I still have a fairly large collection of LPs. Also a turntable that works. God knows how old the stylus is, or where I’d find a replacement, but it still sounds good. After a few years in storage the gears were a little gummy, but after I played a couple of records it smoothed out. It spins just fine now.
So I’m listening to a 1987 album by Cabaret Voltaire called Code. It’s not unlike Kraftwerk, but with a dark and nasty edge. Very clean ’80s electronics — punchy drums, analog string machine, sampled vocal clips. The sonorities are nicely transparent; you can hear everything that’s going on. It’s all muscle and gristle, no flab.
I liked this album when it came out, haven’t listened to it in probably 20 years, but I still like it. This kind of stuff is my roots. Well, this and Patrick O’Hearn and Gentle Giant and Haydn string quartets. There are other albums I love (Jon Hassell’s early LPs come to mind, I know they’re on the shelf somewhere, gotta put the records in alphabetical order so I can find things) that I don’t think influenced me much, even though I was knocked out by them.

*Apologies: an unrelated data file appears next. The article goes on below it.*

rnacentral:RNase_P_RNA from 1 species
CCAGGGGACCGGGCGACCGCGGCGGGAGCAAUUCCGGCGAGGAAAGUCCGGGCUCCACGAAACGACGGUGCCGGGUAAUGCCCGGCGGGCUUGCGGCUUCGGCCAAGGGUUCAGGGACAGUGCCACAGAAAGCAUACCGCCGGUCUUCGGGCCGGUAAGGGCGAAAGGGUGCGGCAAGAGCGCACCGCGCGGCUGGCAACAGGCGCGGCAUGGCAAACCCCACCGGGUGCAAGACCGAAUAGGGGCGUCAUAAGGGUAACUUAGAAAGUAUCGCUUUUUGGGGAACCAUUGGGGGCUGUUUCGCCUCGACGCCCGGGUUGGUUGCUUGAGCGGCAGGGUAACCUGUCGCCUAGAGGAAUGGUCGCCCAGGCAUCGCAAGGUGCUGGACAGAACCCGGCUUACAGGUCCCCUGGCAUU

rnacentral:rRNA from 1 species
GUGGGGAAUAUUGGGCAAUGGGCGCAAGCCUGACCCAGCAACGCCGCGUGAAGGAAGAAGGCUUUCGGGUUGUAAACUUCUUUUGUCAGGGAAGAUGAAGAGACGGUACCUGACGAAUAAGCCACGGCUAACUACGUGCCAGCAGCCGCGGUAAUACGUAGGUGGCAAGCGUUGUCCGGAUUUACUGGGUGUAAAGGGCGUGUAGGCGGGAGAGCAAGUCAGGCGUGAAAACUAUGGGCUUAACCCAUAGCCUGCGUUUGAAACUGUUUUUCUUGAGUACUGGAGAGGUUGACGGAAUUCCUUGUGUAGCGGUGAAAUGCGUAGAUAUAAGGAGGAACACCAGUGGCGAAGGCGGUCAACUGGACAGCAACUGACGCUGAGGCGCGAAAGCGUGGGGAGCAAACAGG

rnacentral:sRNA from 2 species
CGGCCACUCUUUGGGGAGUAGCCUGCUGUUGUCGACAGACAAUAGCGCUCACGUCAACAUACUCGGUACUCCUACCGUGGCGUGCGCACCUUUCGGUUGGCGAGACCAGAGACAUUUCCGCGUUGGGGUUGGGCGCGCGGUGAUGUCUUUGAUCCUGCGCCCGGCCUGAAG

Eighties-era synth pop, though, I can see how to do what they’re doing. I’ve got the technology to do it, and my mind likes doing those things.
What you do musically doesn’t have to be new to be good. It just has to be good. You can draw on anything and everything, whatever rings your chimes, be it Couperin or Zappa, Brahms or Ellington, Stravinsky or the Residents. Throw it all in the pot and stir until simmering.
Last night I was listening to a CD of synthesizer music that I recorded 20 years ago. Haven’t really listened to it in years, so I was amazed by how good it sounds. The technology I used was primitive by today’s standards, but certainly adequate. What impressed me most (if I can admit to being Read more